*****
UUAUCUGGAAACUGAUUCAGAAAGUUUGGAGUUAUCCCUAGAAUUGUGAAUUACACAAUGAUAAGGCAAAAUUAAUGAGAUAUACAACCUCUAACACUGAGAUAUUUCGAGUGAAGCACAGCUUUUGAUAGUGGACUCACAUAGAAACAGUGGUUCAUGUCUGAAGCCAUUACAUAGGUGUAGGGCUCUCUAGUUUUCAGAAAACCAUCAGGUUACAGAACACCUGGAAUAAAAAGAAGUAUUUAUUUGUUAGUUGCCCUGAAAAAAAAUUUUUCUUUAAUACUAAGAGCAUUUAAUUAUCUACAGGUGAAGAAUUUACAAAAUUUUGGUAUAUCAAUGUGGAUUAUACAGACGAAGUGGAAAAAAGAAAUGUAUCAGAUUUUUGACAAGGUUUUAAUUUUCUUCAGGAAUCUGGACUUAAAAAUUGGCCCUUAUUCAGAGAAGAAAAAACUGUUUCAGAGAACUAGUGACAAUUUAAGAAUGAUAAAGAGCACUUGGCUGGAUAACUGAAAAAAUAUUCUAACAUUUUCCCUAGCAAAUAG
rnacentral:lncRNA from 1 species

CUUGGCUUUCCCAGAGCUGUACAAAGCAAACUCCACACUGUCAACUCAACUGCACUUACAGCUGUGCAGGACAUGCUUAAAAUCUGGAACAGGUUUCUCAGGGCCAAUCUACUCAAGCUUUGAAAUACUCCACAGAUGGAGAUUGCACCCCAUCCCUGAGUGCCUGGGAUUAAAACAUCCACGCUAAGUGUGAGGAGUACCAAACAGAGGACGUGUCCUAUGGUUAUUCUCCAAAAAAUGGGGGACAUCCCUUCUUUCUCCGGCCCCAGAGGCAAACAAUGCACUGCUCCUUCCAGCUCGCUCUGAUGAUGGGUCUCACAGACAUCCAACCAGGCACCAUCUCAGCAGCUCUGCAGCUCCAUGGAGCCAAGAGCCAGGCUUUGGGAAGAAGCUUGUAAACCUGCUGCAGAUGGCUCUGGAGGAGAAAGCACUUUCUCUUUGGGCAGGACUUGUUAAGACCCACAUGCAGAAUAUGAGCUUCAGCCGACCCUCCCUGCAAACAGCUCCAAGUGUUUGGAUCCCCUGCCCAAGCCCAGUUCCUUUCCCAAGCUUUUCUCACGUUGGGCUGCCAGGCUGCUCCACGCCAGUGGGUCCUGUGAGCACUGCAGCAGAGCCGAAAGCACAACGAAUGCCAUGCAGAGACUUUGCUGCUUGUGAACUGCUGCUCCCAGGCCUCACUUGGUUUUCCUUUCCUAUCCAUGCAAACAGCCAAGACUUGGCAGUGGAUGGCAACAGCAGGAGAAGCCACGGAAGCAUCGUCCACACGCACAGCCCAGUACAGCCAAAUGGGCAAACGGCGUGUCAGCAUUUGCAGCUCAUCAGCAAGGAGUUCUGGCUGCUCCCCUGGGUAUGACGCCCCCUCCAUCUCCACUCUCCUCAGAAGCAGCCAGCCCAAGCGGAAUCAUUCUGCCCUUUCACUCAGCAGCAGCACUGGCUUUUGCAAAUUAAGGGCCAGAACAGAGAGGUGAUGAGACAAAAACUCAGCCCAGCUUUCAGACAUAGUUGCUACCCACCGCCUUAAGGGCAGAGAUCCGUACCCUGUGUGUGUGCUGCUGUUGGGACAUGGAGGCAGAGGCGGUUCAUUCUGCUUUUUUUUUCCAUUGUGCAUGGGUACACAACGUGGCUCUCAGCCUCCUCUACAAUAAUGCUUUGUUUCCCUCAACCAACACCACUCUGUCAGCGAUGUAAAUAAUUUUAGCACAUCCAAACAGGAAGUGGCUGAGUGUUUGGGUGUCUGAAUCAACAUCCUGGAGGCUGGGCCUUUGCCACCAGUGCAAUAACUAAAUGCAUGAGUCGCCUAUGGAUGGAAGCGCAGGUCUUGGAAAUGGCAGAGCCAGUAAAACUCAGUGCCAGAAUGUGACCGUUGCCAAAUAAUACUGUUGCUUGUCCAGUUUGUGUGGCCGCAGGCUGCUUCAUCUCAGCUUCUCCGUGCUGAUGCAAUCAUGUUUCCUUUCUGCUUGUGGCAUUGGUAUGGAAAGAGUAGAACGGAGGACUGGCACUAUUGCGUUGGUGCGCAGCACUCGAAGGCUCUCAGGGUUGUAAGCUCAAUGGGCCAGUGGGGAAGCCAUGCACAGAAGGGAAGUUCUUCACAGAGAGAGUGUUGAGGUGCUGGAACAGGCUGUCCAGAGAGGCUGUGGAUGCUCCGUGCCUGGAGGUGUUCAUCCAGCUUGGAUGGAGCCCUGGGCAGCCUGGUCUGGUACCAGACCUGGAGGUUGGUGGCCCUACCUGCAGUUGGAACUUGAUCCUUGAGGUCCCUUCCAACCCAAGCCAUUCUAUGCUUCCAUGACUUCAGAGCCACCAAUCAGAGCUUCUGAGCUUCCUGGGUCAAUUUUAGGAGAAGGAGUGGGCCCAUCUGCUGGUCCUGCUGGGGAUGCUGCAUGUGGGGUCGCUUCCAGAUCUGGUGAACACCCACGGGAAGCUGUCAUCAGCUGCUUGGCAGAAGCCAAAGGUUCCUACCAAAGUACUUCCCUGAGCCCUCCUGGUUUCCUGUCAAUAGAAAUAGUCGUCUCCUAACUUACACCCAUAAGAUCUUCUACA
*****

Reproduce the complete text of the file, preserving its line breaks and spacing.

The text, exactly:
UUAUCUGGAAACUGAUUCAGAAAGUUUGGAGUUAUCCCUAGAAUUGUGAAUUACACAAUGAUAAGGCAAAAUUAAUGAGAUAUACAACCUCUAACACUGAGAUAUUUCGAGUGAAGCACAGCUUUUGAUAGUGGACUCACAUAGAAACAGUGGUUCAUGUCUGAAGCCAUUACAUAGGUGUAGGGCUCUCUAGUUUUCAGAAAACCAUCAGGUUACAGAACACCUGGAAUAAAAAGAAGUAUUUAUUUGUUAGUUGCCCUGAAAAAAAAUUUUUCUUUAAUACUAAGAGCAUUUAAUUAUCUACAGGUGAAGAAUUUACAAAAUUUUGGUAUAUCAAUGUGGAUUAUACAGACGAAGUGGAAAAAAGAAAUGUAUCAGAUUUUUGACAAGGUUUUAAUUUUCUUCAGGAAUCUGGACUUAAAAAUUGGCCCUUAUUCAGAGAAGAAAAAACUGUUUCAGAGAACUAGUGACAAUUUAAGAAUGAUAAAGAGCACUUGGCUGGAUAACUGAAAAAAUAUUCUAACAUUUUCCCUAGCAAAUAG
rnacentral:lncRNA from 1 species

CUUGGCUUUCCCAGAGCUGUACAAAGCAAACUCCACACUGUCAACUCAACUGCACUUACAGCUGUGCAGGACAUGCUUAAAAUCUGGAACAGGUUUCUCAGGGCCAAUCUACUCAAGCUUUGAAAUACUCCACAGAUGGAGAUUGCACCCCAUCCCUGAGUGCCUGGGAUUAAAACAUCCACGCUAAGUGUGAGGAGUACCAAACAGAGGACGUGUCCUAUGGUUAUUCUCCAAAAAAUGGGGGACAUCCCUUCUUUCUCCGGCCCCAGAGGCAAACAAUGCACUGCUCCUUCCAGCUCGCUCUGAUGAUGGGUCUCACAGACAUCCAACCAGGCACCAUCUCAGCAGCUCUGCAGCUCCAUGGAGCCAAGAGCCAGGCUUUGGGAAGAAGCUUGUAAACCUGCUGCAGAUGGCUCUGGAGGAGAAAGCACUUUCUCUUUGGGCAGGACUUGUUAAGACCCACAUGCAGAAUAUGAGCUUCAGCCGACCCUCCCUGCAAACAGCUCCAAGUGUUUGGAUCCCCUGCCCAAGCCCAGUUCCUUUCCCAAGCUUUUCUCACGUUGGGCUGCCAGGCUGCUCCACGCCAGUGGGUCCUGUGAGCACUGCAGCAGAGCCGAAAGCACAACGAAUGCCAUGCAGAGACUUUGCUGCUUGUGAACUGCUGCUCCCAGGCCUCACUUGGUUUUCCUUUCCUAUCCAUGCAAACAGCCAAGACUUGGCAGUGGAUGGCAACAGCAGGAGAAGCCACGGAAGCAUCGUCCACACGCACAGCCCAGUACAGCCAAAUGGGCAAACGGCGUGUCAGCAUUUGCAGCUCAUCAGCAAGGAGUUCUGGCUGCUCCCCUGGGUAUGACGCCCCCUCCAUCUCCACUCUCCUCAGAAGCAGCCAGCCCAAGCGGAAUCAUUCUGCCCUUUCACUCAGCAGCAGCACUGGCUUUUGCAAAUUAAGGGCCAGAACAGAGAGGUGAUGAGACAAAAACUCAGCCCAGCUUUCAGACAUAGUUGCUACCCACCGCCUUAAGGGCAGAGAUCCGUACCCUGUGUGUGUGCUGCUGUUGGGACAUGGAGGCAGAGGCGGUUCAUUCUGCUUUUUUUUUCCAUUGUGCAUGGGUACACAACGUGGCUCUCAGCCUCCUCUACAAUAAUGCUUUGUUUCCCUCAACCAACACCACUCUGUCAGCGAUGUAAAUAAUUUUAGCACAUCCAAACAGGAAGUGGCUGAGUGUUUGGGUGUCUGAAUCAACAUCCUGGAGGCUGGGCCUUUGCCACCAGUGCAAUAACUAAAUGCAUGAGUCGCCUAUGGAUGGAAGCGCAGGUCUUGGAAAUGGCAGAGCCAGUAAAACUCAGUGCCAGAAUGUGACCGUUGCCAAAUAAUACUGUUGCUUGUCCAGUUUGUGUGGCCGCAGGCUGCUUCAUCUCAGCUUCUCCGUGCUGAUGCAAUCAUGUUUCCUUUCUGCUUGUGGCAUUGGUAUGGAAAGAGUAGAACGGAGGACUGGCACUAUUGCGUUGGUGCGCAGCACUCGAAGGCUCUCAGGGUUGUAAGCUCAAUGGGCCAGUGGGGAAGCCAUGCACAGAAGGGAAGUUCUUCACAGAGAGAGUGUUGAGGUGCUGGAACAGGCUGUCCAGAGAGGCUGUGGAUGCUCCGUGCCUGGAGGUGUUCAUCCAGCUUGGAUGGAGCCCUGGGCAGCCUGGUCUGGUACCAGACCUGGAGGUUGGUGGCCCUACCUGCAGUUGGAACUUGAUCCUUGAGGUCCCUUCCAACCCAAGCCAUUCUAUGCUUCCAUGACUUCAGAGCCACCAAUCAGAGCUUCUGAGCUUCCUGGGUCAAUUUUAGGAGAAGGAGUGGGCCCAUCUGCUGGUCCUGCUGGGGAUGCUGCAUGUGGGGUCGCUUCCAGAUCUGGUGAACACCCACGGGAAGCUGUCAUCAGCUGCUUGGCAGAAGCCAAAGGUUCCUACCAAAGUACUUCCCUGAGCCCUCCUGGUUUCCUGUCAAUAGAAAUAGUCGUCUCCUAACUUACACCCAUAAGAUCUUCUACA